• 200 grams ground pork / chicken
  • 1 tablespoon light soy sauce
  • ½ tablespoon sesame oil
  • Dash of white pepper
  • About 3 to 5 tablespoons of water

  • 1 tablespoon oil
  • ¼ cup silverfish (a small handful), rinsed and pat dry
  • ½ red onion, peeled and finely chopped
  • ½ carrot, peeled and sliced
  • 4 cups water (or 2 large bowls of water)
  • 10 prawns, peeled and de-veined, heads reserved
  • 2 bunches mee sua (more if you like)
  • 2 eggs
  • Salt and ground white pepper
  1. Meat: In a medium bowl, combine the minced pork / chicken, soy sauce, sesame oil, white pepper and 3 tablespoons of water. Add more water until you achieve a slightly loose but still sticky consistency. Set aside.
  2. Soup: Heat a large pot over medium heat. Add in the oil and silverfish. Fry on medium-low heat until the silverfish turns a very light golden colour (they don't have to be crispy). Add in the onion and fry over medium-low heat until the onion is translucent. Add in the water and bring to a boil.
  3. Once the water has come to a boil, add in the reserved prawn heads, cover, lower the heat and simmer for 15 minutes, stirring occasionally.
  4. Season the prawns with a little salt and leave it aside for 10 minutes. Rinse the prawns and drain. Set aside.
  5. Remove the prawn heads from the soup with a slotted spoon. Turn the heat up to a medium-high until the soup is gently boiling. Scoop the pork/chicken mixture into the soup. Give the soup a stir. At this point you can turn off the heat, cover and set aside until needed.
  6. Add in the mee sua and eggs, when they are about to cooked, add in the prawns. Taste and season the soup according to your preference. Ladle into a bowl and serve immediately.
- Recipe adapted from my Mom


Thank you for visiting Foodie Baker! Follow Foodie Baker to receive freshly published Foodie Baker recipes and travelogues in your inbox. Your email will forever be kept confidential and will never be recirculated or sold to marketers.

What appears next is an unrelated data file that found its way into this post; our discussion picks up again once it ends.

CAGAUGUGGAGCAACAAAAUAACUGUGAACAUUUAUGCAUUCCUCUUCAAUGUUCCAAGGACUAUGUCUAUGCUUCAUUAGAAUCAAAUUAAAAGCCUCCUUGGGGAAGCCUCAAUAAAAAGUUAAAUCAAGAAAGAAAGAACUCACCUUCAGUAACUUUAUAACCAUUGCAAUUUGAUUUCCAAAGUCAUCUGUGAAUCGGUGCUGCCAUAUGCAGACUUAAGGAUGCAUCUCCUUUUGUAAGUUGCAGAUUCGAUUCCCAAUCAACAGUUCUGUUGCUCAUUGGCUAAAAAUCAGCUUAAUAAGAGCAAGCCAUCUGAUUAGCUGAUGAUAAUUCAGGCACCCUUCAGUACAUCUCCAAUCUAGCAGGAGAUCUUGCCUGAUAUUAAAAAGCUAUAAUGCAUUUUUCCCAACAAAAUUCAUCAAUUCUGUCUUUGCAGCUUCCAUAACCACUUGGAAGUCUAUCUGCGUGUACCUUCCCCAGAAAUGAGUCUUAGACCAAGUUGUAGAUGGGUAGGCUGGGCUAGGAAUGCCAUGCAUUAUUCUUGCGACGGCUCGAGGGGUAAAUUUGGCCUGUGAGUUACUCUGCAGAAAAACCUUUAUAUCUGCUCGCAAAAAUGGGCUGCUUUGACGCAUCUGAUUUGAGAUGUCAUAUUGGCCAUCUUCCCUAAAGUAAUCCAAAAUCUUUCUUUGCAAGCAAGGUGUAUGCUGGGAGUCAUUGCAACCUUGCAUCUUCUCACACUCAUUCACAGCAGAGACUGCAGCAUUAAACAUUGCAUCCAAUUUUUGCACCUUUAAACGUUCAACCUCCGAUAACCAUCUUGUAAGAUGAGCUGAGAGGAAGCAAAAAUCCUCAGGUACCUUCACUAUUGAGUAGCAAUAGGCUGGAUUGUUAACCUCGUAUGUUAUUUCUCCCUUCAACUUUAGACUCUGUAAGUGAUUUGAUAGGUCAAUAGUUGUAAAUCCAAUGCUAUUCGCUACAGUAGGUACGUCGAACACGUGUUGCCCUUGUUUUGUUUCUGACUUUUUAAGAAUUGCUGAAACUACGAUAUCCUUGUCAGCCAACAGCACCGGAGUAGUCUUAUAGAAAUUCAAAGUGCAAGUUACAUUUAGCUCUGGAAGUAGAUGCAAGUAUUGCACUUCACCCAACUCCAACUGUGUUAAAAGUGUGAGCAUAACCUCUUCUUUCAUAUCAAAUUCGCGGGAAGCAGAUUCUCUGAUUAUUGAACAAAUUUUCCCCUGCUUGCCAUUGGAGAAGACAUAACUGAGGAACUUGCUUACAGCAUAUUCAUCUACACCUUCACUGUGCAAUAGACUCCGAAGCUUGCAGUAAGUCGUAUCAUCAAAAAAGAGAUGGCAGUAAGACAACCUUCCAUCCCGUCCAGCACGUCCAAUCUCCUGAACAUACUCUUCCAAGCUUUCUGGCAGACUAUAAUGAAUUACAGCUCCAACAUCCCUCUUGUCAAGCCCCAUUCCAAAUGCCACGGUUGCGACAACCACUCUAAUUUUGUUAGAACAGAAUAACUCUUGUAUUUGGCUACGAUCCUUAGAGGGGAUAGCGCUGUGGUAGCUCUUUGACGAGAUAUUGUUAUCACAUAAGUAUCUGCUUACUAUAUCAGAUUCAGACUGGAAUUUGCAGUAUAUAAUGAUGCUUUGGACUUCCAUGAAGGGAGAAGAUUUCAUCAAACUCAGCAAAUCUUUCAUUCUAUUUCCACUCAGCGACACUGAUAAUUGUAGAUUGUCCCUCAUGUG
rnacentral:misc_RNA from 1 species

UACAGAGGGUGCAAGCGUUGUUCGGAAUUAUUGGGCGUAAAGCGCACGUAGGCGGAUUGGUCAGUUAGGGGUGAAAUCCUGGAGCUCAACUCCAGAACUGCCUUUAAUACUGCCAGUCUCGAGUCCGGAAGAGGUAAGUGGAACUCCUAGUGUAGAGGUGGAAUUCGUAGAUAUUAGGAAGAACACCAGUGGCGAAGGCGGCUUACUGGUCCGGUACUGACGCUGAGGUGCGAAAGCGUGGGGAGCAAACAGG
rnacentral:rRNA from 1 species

Enter your email address and start following!


  1. says

    Oh my! I looove mee sua! My grandma makes the best so I’ve never actually attempted to make it myself! Gotta try your version for sure. Absolutely love the shrimps you cooked it with!

  2. says

    growing up, we never had mee sua at home.. my very first mee sua soup was made by a friend at uni with anchovy stock cube, topped with an egg.. cooked in a rice cooker! simple yet delicious.. though not so nutritious ^^||! yours looks delicious and is definitely more healthy and balanced with real flavors! ^^ yums!

  3. says

    Warm and cozy soup! It really hits the spot on these cooler days. Can you please let me know if you are receiving my comments as they seem to be going to everyone’s spam box? Take care, BAM

  4. says

    Hi, Jasline, thanks for the drop by earlier. This bowl of mee sua looks so mouth-watering to me. Using the prawn heads to make the stock must taste awesome! By the way, if you want to open the follower option pls let me know as I want to follow you. I don’t do it in other channels, sorry.

  5. says

    This sounds like a very flavorful bowl of soup, Jasline. 2 of the Asian markets near here have rather extensive displays of frozen fish. Next time I’m in one, I’ll look for silverfish. I might get lucky!

  6. says

    A bowl of deliciousness! I’ve made fried mee suah for our dinner today, a break from the usual rice meal! Mee suah is one of our family’s favourite. I love both the soup and fried version! Yum!

  7. says

    Wow, such a gorgeous soup. Simple and comforting. I just saw a recipe on food52, one of the cooks made the “longevity noodle” I marveled at the technique. I should start saving and freezing the prawn heads, I have been throwing them out, my bad!!

Would love to hear from you!